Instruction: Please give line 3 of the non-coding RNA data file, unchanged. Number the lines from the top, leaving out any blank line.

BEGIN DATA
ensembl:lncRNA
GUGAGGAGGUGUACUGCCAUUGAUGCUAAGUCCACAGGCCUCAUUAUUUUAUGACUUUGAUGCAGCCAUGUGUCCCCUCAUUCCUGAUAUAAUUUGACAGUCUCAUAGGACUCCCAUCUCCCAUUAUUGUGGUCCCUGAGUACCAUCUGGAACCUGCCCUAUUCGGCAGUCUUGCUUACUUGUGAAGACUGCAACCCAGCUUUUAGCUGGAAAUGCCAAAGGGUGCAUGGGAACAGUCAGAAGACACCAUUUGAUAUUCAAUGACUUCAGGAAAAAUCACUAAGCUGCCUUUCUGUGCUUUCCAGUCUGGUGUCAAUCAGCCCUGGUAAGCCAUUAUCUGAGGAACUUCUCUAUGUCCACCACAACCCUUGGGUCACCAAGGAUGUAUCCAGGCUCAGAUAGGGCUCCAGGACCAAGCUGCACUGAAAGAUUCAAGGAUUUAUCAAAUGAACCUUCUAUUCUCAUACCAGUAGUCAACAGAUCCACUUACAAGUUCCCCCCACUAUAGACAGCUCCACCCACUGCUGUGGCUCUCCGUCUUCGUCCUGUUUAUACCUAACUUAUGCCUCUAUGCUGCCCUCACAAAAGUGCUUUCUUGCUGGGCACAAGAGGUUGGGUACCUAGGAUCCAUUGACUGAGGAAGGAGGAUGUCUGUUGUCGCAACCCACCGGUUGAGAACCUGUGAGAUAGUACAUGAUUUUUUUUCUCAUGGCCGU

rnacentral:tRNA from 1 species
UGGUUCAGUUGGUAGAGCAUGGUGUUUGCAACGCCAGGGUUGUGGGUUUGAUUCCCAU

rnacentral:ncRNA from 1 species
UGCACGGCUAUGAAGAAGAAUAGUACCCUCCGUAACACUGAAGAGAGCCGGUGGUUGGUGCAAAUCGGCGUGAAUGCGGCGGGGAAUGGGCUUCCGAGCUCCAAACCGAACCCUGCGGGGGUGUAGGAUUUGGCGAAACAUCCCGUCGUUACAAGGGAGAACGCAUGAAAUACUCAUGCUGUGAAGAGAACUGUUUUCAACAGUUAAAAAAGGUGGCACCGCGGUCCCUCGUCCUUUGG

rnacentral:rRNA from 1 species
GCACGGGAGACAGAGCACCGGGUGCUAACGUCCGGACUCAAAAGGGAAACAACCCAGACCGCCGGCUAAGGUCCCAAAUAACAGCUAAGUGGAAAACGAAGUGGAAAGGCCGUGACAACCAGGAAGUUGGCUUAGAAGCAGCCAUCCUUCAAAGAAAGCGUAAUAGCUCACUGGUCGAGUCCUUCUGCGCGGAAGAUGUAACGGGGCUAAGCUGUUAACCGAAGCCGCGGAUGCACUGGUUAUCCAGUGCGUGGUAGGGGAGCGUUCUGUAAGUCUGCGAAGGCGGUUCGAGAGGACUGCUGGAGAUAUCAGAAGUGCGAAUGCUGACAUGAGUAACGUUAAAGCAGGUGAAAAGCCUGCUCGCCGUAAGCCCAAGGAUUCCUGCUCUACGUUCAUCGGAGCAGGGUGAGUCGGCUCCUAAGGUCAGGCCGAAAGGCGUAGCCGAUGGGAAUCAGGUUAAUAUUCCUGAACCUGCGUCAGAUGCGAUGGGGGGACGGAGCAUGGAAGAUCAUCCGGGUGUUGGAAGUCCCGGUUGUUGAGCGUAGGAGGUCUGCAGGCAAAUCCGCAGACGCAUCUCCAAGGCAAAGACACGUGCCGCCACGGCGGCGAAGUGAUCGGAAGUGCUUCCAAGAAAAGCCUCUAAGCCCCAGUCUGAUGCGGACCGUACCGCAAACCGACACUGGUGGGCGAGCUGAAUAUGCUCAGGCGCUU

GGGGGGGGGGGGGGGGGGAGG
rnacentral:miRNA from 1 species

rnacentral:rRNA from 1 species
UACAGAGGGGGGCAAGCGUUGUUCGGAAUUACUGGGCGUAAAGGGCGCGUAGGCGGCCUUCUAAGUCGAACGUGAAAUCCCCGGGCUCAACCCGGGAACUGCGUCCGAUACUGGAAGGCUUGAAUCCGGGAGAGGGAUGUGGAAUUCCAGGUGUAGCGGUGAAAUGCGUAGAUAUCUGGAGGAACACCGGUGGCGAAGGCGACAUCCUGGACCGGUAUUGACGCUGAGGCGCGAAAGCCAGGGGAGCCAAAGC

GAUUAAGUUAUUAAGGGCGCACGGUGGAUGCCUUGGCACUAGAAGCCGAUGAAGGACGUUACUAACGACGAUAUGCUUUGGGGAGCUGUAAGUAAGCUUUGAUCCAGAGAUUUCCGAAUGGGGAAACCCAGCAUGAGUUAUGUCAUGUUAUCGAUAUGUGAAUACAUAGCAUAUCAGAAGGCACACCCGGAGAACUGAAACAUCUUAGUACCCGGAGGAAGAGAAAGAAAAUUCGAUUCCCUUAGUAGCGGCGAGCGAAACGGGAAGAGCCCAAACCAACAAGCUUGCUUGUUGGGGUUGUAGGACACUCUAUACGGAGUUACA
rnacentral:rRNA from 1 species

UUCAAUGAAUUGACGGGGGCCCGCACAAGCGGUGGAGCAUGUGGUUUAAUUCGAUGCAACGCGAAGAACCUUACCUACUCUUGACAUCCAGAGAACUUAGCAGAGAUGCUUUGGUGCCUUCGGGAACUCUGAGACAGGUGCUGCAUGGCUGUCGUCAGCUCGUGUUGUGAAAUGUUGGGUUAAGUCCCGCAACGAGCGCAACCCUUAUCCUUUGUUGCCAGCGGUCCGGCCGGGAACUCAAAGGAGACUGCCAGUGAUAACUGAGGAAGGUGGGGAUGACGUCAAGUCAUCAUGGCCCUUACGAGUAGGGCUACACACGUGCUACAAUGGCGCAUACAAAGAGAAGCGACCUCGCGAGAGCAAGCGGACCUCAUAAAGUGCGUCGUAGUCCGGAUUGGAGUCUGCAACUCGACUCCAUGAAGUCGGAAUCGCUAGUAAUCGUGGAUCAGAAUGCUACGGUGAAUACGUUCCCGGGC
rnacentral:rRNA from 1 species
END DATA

rnacentral:tRNA from 1 species